Congratulations! You have survived the end of the world on December 21st, 2012. Many of you who never believed it may nevertheless be relieved, thinking that we can now forget about these apocalyptic prophecies. But, you would be wrong, in my opinion. It’s likely that, before too long, the Internet will be abuzz with new or recycled prophecies of doom. In fact, I don’t think these doomsday predictions are newsworthy, and should largely be ignored, because the end of the world happens so frequently. It does, that is, if you believe everything you read online. There is even a handy list on Wikipedia.
Maybe many rational people enjoy these fantastic scares, the same way many people enjoy horror movies, simply as escapist fun. I, too, enjoyed reading about Nostradamus’s supposed predictions as a young boy. Then there are people who are trying to make money – well, it’s a free country. For example, I don’t resent Hollywood for making the movie 2012, although I think there is much to criticize in a viral ad campaign for that movie. For this, the studio created a non-profit sounding website while effectively hiding any affiliation with the movie. I pity the people who thought that website was for real.
Anyway, I thought this might be a good time to make a few general points related to some of these doomsday scenarios, now that one specific, well-publicized end-of-the-world prediction is behind us.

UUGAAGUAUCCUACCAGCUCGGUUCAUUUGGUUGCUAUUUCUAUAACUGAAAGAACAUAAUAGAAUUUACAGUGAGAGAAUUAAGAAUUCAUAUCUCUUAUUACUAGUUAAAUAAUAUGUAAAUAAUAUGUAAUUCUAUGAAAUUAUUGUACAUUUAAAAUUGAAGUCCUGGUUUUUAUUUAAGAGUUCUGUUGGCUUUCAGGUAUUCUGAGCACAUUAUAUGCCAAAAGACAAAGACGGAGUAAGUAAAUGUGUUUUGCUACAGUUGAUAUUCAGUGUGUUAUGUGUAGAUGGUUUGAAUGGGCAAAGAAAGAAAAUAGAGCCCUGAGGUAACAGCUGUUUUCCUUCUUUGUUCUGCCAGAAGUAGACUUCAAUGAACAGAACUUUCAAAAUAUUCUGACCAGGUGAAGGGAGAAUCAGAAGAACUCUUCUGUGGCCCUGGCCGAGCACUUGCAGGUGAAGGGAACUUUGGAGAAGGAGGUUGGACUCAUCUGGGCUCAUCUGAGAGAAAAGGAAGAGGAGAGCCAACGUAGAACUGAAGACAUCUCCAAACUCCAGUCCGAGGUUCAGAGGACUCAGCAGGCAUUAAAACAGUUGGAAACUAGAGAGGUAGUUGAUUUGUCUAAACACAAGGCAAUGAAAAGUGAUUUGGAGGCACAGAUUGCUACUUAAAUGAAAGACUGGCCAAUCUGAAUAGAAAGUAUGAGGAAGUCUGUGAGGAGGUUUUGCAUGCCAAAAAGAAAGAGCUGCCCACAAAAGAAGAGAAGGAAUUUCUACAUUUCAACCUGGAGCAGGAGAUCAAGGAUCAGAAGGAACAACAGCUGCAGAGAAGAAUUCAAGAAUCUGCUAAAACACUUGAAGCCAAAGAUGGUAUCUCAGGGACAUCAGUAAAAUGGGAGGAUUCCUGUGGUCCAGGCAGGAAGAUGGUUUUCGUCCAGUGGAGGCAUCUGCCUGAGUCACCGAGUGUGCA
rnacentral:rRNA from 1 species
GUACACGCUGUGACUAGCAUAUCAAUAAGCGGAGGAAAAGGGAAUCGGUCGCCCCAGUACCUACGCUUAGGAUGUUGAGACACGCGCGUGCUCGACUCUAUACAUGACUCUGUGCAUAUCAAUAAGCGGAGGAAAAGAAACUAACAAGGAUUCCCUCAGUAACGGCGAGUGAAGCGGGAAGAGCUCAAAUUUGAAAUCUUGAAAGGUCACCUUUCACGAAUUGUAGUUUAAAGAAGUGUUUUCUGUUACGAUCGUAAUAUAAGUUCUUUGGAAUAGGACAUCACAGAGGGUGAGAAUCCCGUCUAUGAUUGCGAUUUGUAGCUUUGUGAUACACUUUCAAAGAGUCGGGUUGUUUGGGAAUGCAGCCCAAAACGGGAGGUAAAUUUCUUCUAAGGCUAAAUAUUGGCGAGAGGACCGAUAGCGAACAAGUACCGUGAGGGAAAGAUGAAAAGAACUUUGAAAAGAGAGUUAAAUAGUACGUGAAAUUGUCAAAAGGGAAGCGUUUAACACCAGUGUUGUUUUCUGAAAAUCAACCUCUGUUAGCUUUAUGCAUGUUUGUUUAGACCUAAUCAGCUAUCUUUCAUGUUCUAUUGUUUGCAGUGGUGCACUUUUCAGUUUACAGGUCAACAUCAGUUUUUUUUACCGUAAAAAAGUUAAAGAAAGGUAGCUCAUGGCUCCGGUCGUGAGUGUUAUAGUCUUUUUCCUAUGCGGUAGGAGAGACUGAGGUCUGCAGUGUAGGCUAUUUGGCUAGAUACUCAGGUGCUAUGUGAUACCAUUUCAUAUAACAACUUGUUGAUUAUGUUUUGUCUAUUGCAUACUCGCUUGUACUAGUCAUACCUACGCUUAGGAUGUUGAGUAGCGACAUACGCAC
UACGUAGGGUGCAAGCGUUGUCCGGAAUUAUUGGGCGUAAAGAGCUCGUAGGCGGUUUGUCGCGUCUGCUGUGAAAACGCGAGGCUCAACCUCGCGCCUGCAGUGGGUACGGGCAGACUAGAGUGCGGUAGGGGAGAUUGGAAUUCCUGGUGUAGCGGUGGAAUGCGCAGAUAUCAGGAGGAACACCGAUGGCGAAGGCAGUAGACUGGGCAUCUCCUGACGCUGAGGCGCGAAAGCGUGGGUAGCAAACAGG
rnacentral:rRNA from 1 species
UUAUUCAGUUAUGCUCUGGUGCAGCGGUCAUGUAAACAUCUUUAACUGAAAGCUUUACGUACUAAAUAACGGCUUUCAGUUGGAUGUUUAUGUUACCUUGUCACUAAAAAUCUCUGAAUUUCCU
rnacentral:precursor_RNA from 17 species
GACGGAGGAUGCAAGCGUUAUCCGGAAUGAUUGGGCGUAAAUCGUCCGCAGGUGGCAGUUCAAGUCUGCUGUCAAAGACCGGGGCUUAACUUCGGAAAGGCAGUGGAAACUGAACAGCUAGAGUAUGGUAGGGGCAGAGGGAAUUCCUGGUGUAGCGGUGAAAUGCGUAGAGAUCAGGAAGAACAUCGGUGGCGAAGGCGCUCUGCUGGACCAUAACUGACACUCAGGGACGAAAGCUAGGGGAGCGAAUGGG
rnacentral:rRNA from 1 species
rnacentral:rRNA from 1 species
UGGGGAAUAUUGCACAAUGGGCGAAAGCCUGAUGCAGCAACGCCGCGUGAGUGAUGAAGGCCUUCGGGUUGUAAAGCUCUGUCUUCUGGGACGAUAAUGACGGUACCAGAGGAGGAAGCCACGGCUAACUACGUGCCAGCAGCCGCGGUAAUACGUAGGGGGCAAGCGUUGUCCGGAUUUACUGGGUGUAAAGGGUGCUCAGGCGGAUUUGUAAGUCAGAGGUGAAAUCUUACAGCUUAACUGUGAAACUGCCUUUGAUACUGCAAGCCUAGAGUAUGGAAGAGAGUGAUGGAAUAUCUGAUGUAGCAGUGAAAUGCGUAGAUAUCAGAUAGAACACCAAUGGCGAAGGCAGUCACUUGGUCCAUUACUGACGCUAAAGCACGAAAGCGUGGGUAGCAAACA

(1) Do we live in a dangerous universe?
Yes, definitely. But nothing has destroyed the Earth for over 4 billion years, and it’s been about 65 million years since the global extinction that killed off the dinosaurs. Many of the things that disaster prophecies mention – alignments of planets, for example – happen far more frequently than that, without any ill effects. If the human civilization can prosper for millions of years, then we may have to worry about space-based threats to the very existence of our race; over much shorter time frame (centuries, or even millennia), the chances of such huge catastrophes are almost negligible.
Toutatis is an asteroid with an orbit that puts it close enough to Earth to be considered a potentially hazardous object. Scientists believe it poses no real threat, and on December 12, 2012 it passed within 18 lunar distances to Earth.
Credit: NASA’s Deep Space Network antenna in Goldstone
We should, nevertheless, worry about lesser but significant dangers from space – say the equivalent of magnitude 9 earthquakes or category 5 hurricanes. Specifically, we need to worry the most about impacts by comets or asteroids, given what we know of various cosmic dangers. For the last 15 years or so, we have made significant investments of resources to try to discover as many potentially hazardous objects in the Solar system, and none that poses an immediate danger has been found. Smaller objects are harder to discover, and they are more commonplace. One could still strike us with little warning, and cause huge (but far from civilization ending) damage. Our ability to spot potential dangers is improving, people have thought about how one might deal with such objects if found, and we should continue to invest in these areas. Rest assured, also, that scientists are happy and eager to study any other potential dangers out there.